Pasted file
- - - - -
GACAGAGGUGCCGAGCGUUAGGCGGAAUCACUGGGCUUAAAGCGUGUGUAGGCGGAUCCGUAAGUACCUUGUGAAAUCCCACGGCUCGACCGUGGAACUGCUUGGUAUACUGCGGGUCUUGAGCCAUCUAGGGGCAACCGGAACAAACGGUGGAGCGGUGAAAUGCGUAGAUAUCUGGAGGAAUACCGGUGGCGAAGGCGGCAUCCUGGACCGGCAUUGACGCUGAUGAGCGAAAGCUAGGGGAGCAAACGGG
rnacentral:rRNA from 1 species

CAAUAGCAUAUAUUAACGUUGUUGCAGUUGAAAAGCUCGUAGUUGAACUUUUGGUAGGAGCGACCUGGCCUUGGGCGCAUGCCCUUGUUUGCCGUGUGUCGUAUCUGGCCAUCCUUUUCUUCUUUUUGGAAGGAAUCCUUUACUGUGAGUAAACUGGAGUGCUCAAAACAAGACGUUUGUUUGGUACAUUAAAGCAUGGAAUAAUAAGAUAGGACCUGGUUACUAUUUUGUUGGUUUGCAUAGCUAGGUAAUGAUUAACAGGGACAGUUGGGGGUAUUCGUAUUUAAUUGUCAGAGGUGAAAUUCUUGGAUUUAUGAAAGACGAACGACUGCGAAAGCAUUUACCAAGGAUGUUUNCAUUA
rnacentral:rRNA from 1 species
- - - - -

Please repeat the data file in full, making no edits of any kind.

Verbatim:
GACAGAGGUGCCGAGCGUUAGGCGGAAUCACUGGGCUUAAAGCGUGUGUAGGCGGAUCCGUAAGUACCUUGUGAAAUCCCACGGCUCGACCGUGGAACUGCUUGGUAUACUGCGGGUCUUGAGCCAUCUAGGGGCAACCGGAACAAACGGUGGAGCGGUGAAAUGCGUAGAUAUCUGGAGGAAUACCGGUGGCGAAGGCGGCAUCCUGGACCGGCAUUGACGCUGAUGAGCGAAAGCUAGGGGAGCAAACGGG
rnacentral:rRNA from 1 species

CAAUAGCAUAUAUUAACGUUGUUGCAGUUGAAAAGCUCGUAGUUGAACUUUUGGUAGGAGCGACCUGGCCUUGGGCGCAUGCCCUUGUUUGCCGUGUGUCGUAUCUGGCCAUCCUUUUCUUCUUUUUGGAAGGAAUCCUUUACUGUGAGUAAACUGGAGUGCUCAAAACAAGACGUUUGUUUGGUACAUUAAAGCAUGGAAUAAUAAGAUAGGACCUGGUUACUAUUUUGUUGGUUUGCAUAGCUAGGUAAUGAUUAACAGGGACAGUUGGGGGUAUUCGUAUUUAAUUGUCAGAGGUGAAAUUCUUGGAUUUAUGAAAGACGAACGACUGCGAAAGCAUUUACCAAGGAUGUUUNCAUUA
rnacentral:rRNA from 1 species